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Jim Woolsey, The Need for Energy Independence

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May. 6th, 2008 | 11:25 pm

Caltech hosted a talk by Jim Woolsey, former director of the CIA on The Need for Energy Independence.

The thrust of his talk was that we now face two "existential" threats, that of climate change and islamist terrorism, which could be described as malignant and malevolent.

He used the analogy of smoking 5 packs of cigarettes per day to represent the unknown "malignant" danger of climate change. It's hard to predict exactly when things might break, especially since there are events that could trigger exponential increases in greenhouse gases. (For instance if we warm above some threshold, the polar tundra will melt, releasing methane which is a potent GHG, which will warm the tundra more, releasing more GHG.)

Thus since the consequences are so severe for not addressing climate change we should do something about it.

Except there's this other problem, that of terrorism. Unfortunately for us, our energy infrastructure is extremely vulnerable to attack. The electrical grid could be fairly easily disrupted by a determined attacker. However our oil supply is even worse off as it is currently under attack by determined groups. Al Qaeda is attempting to attack Saudi oil production which if they succeed will dramatically spike world oil prices.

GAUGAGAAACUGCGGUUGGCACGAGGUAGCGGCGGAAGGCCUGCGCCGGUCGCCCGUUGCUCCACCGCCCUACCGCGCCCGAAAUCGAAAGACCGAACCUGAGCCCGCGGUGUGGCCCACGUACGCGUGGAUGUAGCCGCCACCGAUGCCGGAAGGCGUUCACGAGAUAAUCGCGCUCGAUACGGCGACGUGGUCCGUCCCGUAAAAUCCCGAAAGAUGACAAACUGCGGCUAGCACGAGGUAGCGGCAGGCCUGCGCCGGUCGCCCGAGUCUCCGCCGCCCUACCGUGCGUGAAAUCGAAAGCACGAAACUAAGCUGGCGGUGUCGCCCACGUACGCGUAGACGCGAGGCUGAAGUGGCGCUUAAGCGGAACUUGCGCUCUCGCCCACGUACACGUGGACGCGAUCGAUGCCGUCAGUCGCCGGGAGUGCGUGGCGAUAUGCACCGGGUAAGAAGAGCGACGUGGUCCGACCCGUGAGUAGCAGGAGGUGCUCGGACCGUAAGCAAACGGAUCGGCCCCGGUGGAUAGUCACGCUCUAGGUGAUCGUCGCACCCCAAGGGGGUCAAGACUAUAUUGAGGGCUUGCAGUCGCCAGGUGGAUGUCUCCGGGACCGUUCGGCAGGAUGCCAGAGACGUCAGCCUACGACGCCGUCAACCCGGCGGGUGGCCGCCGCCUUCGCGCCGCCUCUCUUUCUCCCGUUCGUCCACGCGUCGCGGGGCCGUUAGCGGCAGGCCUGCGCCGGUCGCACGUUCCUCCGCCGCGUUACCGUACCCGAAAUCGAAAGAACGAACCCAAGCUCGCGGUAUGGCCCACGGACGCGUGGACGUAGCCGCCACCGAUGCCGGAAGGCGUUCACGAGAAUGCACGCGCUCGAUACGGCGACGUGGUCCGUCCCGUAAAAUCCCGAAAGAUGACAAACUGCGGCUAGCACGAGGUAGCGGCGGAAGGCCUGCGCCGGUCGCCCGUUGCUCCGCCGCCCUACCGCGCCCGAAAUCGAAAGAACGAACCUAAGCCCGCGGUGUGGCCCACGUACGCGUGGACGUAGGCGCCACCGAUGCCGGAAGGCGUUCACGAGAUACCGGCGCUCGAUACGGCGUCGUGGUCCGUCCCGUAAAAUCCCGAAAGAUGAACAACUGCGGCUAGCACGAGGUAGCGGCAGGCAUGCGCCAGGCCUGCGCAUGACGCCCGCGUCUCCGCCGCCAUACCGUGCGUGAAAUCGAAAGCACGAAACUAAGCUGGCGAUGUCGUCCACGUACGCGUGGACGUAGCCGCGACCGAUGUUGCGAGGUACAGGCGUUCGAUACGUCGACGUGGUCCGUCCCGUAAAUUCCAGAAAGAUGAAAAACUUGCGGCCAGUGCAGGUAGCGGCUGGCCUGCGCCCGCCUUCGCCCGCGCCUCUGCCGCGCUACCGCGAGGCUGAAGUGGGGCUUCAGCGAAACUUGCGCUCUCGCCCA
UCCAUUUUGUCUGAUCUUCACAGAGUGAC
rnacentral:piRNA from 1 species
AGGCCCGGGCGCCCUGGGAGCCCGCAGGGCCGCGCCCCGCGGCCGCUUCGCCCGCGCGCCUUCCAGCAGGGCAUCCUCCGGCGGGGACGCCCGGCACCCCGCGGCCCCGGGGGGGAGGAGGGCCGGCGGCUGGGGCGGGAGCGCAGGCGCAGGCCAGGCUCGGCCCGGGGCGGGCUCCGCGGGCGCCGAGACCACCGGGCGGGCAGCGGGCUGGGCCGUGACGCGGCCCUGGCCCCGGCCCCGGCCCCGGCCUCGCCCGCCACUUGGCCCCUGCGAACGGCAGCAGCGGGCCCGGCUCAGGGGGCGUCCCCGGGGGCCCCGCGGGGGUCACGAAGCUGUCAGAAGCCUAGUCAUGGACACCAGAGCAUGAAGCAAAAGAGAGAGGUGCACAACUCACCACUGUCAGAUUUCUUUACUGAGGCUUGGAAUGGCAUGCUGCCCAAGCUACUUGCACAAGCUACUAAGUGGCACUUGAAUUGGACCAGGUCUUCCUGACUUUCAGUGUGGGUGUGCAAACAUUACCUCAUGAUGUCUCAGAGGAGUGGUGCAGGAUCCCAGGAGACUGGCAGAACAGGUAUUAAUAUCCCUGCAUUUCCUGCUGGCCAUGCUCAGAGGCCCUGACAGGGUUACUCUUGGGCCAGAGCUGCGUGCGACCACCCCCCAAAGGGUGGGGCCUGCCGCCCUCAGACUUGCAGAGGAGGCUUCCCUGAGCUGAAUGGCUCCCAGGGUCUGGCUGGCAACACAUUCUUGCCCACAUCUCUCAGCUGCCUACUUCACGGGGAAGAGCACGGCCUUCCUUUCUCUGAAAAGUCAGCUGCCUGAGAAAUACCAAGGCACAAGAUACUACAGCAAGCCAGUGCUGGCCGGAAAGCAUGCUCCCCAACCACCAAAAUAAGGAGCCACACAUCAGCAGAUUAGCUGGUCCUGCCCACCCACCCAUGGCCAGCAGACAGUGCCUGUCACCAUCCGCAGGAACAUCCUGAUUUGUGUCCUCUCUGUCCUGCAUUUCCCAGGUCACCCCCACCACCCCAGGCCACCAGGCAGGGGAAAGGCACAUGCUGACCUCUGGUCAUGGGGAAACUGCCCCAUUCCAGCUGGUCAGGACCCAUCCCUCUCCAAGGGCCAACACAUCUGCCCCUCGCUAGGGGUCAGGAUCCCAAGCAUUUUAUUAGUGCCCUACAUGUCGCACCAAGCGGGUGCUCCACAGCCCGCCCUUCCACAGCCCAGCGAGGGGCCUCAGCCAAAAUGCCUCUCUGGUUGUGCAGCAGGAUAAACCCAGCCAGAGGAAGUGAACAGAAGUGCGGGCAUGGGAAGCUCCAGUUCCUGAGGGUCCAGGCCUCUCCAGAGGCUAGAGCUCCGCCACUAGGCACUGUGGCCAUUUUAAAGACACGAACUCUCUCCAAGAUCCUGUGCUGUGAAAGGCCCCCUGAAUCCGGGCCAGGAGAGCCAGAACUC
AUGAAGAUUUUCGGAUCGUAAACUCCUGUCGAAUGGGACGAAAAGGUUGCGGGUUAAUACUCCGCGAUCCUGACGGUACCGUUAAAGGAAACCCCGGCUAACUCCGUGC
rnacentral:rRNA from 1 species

He also described how most of those loans from China we're needing to keep our economy afloat are so we can continue to buy oil, suggesting if we dealt with our energy dependence our economy would be in vastly better shape.

His plan included increase energy efficiency in businesses, use combined heating/power generation, roll out plug-in hybrids that run on multiple fuel types, build more renewable power plants, manufacture biofuels, and then make up the difference with liquified coal.

I'm not sure how bad liquified coal would be after all the other changes in the transportation fuel mix, but it might be worth it temporarily so we can stop giving crazy people large chunks of money.

He also referenced a Brookings Institute paper on Energy Security,

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